A possible hearth has been identified at the edge of the excavated area. It is composed only of wood charcoal, which, as we will see, differs from evidence in underlying levels. This might indicate a period of thaw during which forest cover would have been more significant in the area.
The lithic industry also differs slightly from what we find in the underlying levels in that the debitage is mainly discoidal and the dominant raw material is phtanite (Fig. 6: 1). Therefore, all of the evidence seems to be pointing to short-term occupations, the purpose of which remains a mystery (possible stop-over sites).
The occupations within Layer 7A took place in a shelter with a larger overhang than that described above (Fig. 7). They occurred in winter, in a period when the climate was more severe and when the boreal forest had given way to arid continental steppes.
The remains are much more numerous than in Layer 5 and are particularly dense in the western part of the excavated area. A possible hearth has been identified.
The lithic industry differs from that of the preceding layer. Flint is now dominant and the Levallois technique is the principal reduction technique employed (Fig. 7: 2). In addition, studies of the micro-facies reveal a diversity of raw materials which might indicate longer periods of occupation. Finally, numerous edge-sharpening flint flakes have been found which are made of raw materials that do not occur among the tools recovered from the same layer. This suggests that tools were produced or re-sharpened in situ, and then carried away from the excavated area.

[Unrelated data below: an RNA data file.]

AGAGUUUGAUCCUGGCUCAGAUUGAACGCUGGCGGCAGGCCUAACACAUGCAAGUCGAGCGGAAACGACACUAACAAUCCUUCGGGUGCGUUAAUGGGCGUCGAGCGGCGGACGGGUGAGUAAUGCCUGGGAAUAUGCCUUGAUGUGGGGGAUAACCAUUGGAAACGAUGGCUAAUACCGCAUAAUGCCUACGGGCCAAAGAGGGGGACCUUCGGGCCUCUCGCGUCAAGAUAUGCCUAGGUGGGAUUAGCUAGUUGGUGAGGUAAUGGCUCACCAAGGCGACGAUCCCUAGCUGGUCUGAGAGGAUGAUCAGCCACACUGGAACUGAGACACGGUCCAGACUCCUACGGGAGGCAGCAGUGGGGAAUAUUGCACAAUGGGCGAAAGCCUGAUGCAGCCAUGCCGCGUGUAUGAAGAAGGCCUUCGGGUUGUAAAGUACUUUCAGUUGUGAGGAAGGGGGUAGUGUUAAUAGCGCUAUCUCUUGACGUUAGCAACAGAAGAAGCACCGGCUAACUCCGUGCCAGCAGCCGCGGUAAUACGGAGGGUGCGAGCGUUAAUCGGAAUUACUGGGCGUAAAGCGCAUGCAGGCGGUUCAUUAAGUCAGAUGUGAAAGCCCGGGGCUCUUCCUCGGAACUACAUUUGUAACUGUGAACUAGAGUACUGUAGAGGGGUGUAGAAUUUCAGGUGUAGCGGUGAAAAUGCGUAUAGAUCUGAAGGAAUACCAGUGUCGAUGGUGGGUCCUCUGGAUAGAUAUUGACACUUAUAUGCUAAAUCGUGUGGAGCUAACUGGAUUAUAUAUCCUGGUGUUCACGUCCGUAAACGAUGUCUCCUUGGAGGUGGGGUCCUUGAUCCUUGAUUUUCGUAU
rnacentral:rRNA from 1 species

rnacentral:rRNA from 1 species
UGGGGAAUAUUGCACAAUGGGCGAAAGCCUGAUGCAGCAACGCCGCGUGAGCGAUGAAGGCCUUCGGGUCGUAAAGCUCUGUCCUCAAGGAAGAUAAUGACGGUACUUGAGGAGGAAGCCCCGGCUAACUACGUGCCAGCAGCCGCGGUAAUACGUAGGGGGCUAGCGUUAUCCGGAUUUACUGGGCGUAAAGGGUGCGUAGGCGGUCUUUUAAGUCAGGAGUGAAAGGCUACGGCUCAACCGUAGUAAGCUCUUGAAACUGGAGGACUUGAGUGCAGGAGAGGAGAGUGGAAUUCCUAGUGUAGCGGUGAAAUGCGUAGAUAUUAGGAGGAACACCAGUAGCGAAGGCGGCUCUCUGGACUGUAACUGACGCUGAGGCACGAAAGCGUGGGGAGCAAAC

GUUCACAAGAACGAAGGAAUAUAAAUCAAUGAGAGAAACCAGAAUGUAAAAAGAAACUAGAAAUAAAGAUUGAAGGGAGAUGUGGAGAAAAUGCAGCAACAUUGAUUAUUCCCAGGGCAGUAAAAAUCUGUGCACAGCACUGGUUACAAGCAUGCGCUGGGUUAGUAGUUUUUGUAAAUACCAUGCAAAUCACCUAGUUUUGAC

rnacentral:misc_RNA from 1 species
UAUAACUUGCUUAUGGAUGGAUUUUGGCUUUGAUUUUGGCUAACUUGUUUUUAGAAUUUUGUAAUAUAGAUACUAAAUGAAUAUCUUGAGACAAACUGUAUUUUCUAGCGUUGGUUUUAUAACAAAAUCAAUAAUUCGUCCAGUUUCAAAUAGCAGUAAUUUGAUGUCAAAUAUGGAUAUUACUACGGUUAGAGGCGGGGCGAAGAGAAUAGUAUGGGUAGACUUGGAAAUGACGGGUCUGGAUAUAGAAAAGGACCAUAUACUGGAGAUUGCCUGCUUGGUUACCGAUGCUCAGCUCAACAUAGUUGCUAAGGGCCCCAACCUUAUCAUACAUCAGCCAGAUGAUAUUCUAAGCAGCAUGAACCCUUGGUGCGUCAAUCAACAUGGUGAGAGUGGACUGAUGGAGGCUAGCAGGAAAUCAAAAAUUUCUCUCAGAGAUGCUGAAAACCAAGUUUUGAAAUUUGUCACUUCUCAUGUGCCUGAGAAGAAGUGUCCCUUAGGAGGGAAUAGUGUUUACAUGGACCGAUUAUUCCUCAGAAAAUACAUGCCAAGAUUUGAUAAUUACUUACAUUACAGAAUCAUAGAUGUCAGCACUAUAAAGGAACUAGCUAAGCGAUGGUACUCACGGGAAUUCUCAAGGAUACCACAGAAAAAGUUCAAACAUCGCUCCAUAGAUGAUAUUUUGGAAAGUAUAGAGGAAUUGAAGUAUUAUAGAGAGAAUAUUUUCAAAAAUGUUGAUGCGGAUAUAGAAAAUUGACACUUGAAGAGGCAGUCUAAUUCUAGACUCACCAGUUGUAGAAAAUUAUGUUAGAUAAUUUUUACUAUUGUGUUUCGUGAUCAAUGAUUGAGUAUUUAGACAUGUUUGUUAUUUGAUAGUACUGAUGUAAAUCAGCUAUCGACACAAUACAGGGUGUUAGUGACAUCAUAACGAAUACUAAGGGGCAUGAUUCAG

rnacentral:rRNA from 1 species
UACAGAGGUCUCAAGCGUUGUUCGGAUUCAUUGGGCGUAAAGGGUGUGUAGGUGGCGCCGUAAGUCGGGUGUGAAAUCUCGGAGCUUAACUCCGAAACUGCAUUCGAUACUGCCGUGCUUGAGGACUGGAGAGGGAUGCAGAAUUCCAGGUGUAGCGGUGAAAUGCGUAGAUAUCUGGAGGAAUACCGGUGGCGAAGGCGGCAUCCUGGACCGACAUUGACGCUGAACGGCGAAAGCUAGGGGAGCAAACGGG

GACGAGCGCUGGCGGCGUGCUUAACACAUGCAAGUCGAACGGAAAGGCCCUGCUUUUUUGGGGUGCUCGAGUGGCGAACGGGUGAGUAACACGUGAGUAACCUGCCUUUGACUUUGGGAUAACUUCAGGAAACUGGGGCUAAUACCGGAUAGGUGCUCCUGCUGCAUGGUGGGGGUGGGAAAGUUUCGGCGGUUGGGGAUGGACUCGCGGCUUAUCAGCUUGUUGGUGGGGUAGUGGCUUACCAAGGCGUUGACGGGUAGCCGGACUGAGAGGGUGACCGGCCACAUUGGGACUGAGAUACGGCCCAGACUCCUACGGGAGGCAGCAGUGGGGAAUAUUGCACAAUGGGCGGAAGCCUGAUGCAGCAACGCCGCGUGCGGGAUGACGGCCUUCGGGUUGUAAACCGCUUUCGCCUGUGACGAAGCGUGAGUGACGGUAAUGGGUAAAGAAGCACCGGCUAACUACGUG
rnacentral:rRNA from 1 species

Numerous faunal remains, often poorly preserved, have been recorded in this level. Mammoth remains are numerically dominant, with all parts of the skeleton represented (Fig. 7: 1, 3). In contrast, species such as horse and reindeer are less numerous and were brought to the site in the form of joints of meat. While difficult to envisage, it appears that the Neanderthals came to the site in wintertime, bringing with them a number of joints of meat, and staying long enough to hunt and bring back to camp one or more complete mammoths. We cannot but ask ourselves how and why the transportation of mammoth carcasses took place. It must have involved a significant, organized, communal effort.
It is also interesting that most of the skull remains were concentrated in the western part of the excavation and appear to overlie lithic material (Fig. 8). Perhaps we are looking at a specific waste disposal or dump area.
The occupations identified in the underlying layer, Layer 7C1, are somewhat different. These occurred during the summer, within the same rock overhang and probably under the same climatic conditions (Fig. 9). The microfauna suggest a possible period of thaw but this remains to be verified (Stoetzel in Koehler et al. 2016).
The lithic industry is once again dominated by the Levallois technique, but here the principal raw materials are coarse-grained magmatic rocks (Diemer in Koehler et al. 2016b; Diemer this volume; Fig. 9: 1).
Numerous large faunal remains have been recorded but they consist almost entirely of reindeer (Fig. 9: 3). Similar to the pattern observed in the overlying level, here again it would seem that meat from the less common species (such as horse and bison) was brought on site in the form of joints while the predominant species was brought in the form of entire carcasses (Sévêque in Koehler et al. 2016b and Sévêque 2017).